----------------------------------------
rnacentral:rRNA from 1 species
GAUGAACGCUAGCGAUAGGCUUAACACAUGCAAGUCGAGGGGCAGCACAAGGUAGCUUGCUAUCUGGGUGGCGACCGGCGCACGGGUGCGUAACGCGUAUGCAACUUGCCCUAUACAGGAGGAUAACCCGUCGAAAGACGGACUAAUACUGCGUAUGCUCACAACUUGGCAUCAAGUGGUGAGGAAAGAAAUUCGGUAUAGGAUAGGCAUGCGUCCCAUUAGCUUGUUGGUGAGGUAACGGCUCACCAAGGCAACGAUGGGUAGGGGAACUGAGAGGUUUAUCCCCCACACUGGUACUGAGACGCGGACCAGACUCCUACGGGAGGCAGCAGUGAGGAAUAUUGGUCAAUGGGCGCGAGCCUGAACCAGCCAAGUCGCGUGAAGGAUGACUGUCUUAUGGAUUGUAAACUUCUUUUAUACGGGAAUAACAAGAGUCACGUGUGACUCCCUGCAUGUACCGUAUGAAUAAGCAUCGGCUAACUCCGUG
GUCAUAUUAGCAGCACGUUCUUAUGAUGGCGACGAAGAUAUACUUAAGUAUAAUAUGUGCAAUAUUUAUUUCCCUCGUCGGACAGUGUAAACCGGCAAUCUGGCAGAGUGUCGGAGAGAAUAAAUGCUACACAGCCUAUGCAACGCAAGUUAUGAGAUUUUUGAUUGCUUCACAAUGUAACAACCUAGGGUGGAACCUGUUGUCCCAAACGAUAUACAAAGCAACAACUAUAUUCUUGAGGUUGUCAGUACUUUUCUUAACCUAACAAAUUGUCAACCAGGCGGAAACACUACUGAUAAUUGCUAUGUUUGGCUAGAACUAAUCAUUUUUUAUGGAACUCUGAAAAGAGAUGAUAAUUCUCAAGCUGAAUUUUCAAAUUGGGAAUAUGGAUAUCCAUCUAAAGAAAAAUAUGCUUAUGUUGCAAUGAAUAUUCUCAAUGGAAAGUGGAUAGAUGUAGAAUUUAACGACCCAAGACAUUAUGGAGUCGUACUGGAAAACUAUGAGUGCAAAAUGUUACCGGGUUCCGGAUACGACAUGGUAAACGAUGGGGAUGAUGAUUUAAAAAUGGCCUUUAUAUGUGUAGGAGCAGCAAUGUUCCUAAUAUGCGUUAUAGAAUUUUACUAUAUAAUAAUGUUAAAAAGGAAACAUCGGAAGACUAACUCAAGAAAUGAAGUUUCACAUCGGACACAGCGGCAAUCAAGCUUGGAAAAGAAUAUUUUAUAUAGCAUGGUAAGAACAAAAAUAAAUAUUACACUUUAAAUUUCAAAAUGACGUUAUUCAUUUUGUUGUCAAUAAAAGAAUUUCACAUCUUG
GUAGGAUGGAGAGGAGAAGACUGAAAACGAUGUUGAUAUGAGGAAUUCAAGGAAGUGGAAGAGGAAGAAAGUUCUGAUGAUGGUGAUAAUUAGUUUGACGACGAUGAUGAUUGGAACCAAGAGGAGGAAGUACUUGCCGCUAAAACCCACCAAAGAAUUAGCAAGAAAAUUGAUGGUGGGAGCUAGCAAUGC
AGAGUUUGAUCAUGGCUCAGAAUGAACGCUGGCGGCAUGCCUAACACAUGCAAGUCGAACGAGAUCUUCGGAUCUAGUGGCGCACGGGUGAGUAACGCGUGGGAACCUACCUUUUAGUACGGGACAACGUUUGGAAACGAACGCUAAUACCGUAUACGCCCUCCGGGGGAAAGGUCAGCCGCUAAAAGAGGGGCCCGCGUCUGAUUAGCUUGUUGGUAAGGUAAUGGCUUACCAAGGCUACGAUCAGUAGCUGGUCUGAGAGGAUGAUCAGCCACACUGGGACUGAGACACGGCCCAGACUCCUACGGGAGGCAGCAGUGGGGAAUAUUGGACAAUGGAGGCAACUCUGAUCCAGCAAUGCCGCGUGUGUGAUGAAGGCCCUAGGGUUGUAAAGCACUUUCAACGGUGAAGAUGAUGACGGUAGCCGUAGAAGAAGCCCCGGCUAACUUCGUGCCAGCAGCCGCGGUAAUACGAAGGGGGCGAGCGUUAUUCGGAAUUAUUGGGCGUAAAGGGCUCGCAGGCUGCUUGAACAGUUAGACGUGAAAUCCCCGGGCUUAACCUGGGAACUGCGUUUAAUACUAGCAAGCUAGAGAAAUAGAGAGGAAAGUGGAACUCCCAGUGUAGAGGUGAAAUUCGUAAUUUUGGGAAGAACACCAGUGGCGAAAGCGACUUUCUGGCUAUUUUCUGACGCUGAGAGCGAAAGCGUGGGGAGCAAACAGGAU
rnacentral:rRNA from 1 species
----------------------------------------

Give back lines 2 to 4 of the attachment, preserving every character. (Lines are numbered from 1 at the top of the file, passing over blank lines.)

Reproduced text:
GAUGAACGCUAGCGAUAGGCUUAACACAUGCAAGUCGAGGGGCAGCACAAGGUAGCUUGCUAUCUGGGUGGCGACCGGCGCACGGGUGCGUAACGCGUAUGCAACUUGCCCUAUACAGGAGGAUAACCCGUCGAAAGACGGACUAAUACUGCGUAUGCUCACAACUUGGCAUCAAGUGGUGAGGAAAGAAAUUCGGUAUAGGAUAGGCAUGCGUCCCAUUAGCUUGUUGGUGAGGUAACGGCUCACCAAGGCAACGAUGGGUAGGGGAACUGAGAGGUUUAUCCCCCACACUGGUACUGAGACGCGGACCAGACUCCUACGGGAGGCAGCAGUGAGGAAUAUUGGUCAAUGGGCGCGAGCCUGAACCAGCCAAGUCGCGUGAAGGAUGACUGUCUUAUGGAUUGUAAACUUCUUUUAUACGGGAAUAACAAGAGUCACGUGUGACUCCCUGCAUGUACCGUAUGAAUAAGCAUCGGCUAACUCCGUG
GUCAUAUUAGCAGCACGUUCUUAUGAUGGCGACGAAGAUAUACUUAAGUAUAAUAUGUGCAAUAUUUAUUUCCCUCGUCGGACAGUGUAAACCGGCAAUCUGGCAGAGUGUCGGAGAGAAUAAAUGCUACACAGCCUAUGCAACGCAAGUUAUGAGAUUUUUGAUUGCUUCACAAUGUAACAACCUAGGGUGGAACCUGUUGUCCCAAACGAUAUACAAAGCAACAACUAUAUUCUUGAGGUUGUCAGUACUUUUCUUAACCUAACAAAUUGUCAACCAGGCGGAAACACUACUGAUAAUUGCUAUGUUUGGCUAGAACUAAUCAUUUUUUAUGGAACUCUGAAAAGAGAUGAUAAUUCUCAAGCUGAAUUUUCAAAUUGGGAAUAUGGAUAUCCAUCUAAAGAAAAAUAUGCUUAUGUUGCAAUGAAUAUUCUCAAUGGAAAGUGGAUAGAUGUAGAAUUUAACGACCCAAGACAUUAUGGAGUCGUACUGGAAAACUAUGAGUGCAAAAUGUUACCGGGUUCCGGAUACGACAUGGUAAACGAUGGGGAUGAUGAUUUAAAAAUGGCCUUUAUAUGUGUAGGAGCAGCAAUGUUCCUAAUAUGCGUUAUAGAAUUUUACUAUAUAAUAAUGUUAAAAAGGAAACAUCGGAAGACUAACUCAAGAAAUGAAGUUUCACAUCGGACACAGCGGCAAUCAAGCUUGGAAAAGAAUAUUUUAUAUAGCAUGGUAAGAACAAAAAUAAAUAUUACACUUUAAAUUUCAAAAUGACGUUAUUCAUUUUGUUGUCAAUAAAAGAAUUUCACAUCUUG
GUAGGAUGGAGAGGAGAAGACUGAAAACGAUGUUGAUAUGAGGAAUUCAAGGAAGUGGAAGAGGAAGAAAGUUCUGAUGAUGGUGAUAAUUAGUUUGACGACGAUGAUGAUUGGAACCAAGAGGAGGAAGUACUUGCCGCUAAAACCCACCAAAGAAUUAGCAAGAAAAUUGAUGGUGGGAGCUAGCAAUGC